Visionaries thrive behind bars: Dostoevsky, Martin Luther King, Malcolm X. "The truth is ugly," explains one would-be sage, Charles Manson. "So we put our prophets in prison."
|A Prophet | Directed by Jacques Audiard | Written by Thomas Bidegain and Jacques Audiard, based on a screenplay by Abdel Raouf Dafri and Nicolas Peufaillit | with Tahar Rahim, Niels Arestrup, Adel Bencherif, Reda Kateb, and Hichem Yacoubi | Sony Pictures Classics | French | 149 minutes|
Nowadays, the truth is still ugly, but different, suggests French filmmaker Jacques Audiard in his harrowing, convulsive A Prophet, the Grand Prix winner at Cannes 2009. His prophet says little but, more and more, sees all. Accepting desolation, desperation, and moral compromise as a starting point, he hides behind seeming innocence, manipulates the cruelty, greed, and hatred of others, exploits those who would exploit him, and grows in power. He's the untermensch reborn as übermensch in a system where morals, ideology, individuality, macho bravura, revenge, and loyalty — the virtues of other mob and prison movies — have value only as tools and weapons. All is subordinate to resourcefulness, opportunism, survival, and domination.
The title seer is Malik El Djebena (a revelatory Tahar Rahim), a 19-year-old processed into prison for some unspecified crime (assault on an officer?). Reduced to an iris frame, as if seen through the meshes of a grated window, he submits to the prison-initiation routine familiar from dozens of other movies: the strip search (he tries to hide a 50-Euro note in his ruined tennis shoe), the gantlet of hooting fellow cons, the first assault.
He's illiterate, parentless, Arab but without faith — a blank slate. Then he's offered a kill-or-be-killed deal he can't refuse by César (a chilling Niels Arestrup), reigning don of the joint's cadre of Corsican Mafiosi. Detailed like the procedures in Robert Bresson's A Man Escaped, El Djebena's response is horrible and fascinating, and it ends in a kind of blood sacrifice.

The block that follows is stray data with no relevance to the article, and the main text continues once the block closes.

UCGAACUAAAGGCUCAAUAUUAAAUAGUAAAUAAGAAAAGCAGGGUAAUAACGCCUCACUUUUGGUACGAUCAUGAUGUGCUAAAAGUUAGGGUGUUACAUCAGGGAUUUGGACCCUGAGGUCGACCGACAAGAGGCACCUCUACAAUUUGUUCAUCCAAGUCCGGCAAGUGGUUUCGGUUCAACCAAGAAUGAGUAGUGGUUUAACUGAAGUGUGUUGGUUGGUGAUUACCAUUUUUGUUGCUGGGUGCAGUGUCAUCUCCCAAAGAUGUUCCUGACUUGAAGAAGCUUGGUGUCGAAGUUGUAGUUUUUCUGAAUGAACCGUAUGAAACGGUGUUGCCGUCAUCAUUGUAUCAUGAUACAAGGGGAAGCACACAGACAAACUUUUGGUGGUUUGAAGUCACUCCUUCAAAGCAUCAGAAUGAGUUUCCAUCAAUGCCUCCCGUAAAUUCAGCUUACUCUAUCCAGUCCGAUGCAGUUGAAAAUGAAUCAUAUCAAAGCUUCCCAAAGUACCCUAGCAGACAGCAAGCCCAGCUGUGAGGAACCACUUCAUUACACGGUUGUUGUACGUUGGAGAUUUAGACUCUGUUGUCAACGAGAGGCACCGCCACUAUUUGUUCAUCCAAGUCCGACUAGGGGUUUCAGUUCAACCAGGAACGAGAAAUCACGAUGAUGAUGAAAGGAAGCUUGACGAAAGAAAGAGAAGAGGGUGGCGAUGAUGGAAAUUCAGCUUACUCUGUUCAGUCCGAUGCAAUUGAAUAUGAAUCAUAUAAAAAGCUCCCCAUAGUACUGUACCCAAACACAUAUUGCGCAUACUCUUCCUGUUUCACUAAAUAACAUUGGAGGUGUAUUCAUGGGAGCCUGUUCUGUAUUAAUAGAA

Thus he is accepted by the Corsicans — but rejected by the Muslims, whose rival band hang out across the yard. As a dirty Arab, however, he is fit only to be a gofer for his new friends, and his relationship with César simmers with an underlying Oedipal conflict. But the Corsicans underestimate him — unnoticed, he takes in everything, and like Yojimbo, but with more sycophancy than swagger, he learns to play contending sides against each other and come out a winner.
Audiard shoots and edits with a jittery hand-held cinéma-vérité. The film is divided into chapters, most of them named after a character who serves as a rung on the ladder of El Djebena's rise — like Ryad (Adel Bencherif), the wanna-be family man who teaches him how to read, or Jordi (Reda Kateb), the drug runner who connects him with opportunities outside the prison walls. On rare occasions, Audiard will intrude a dream or fantasy sequence — the prophet's visions, perhaps, such as the ghost of a dead victim who keeps visiting him. In a more conventional film, this specter would be a manifestation of guilt. Here it seems a playful guide to the indifference of fate, the transcendence of divine will.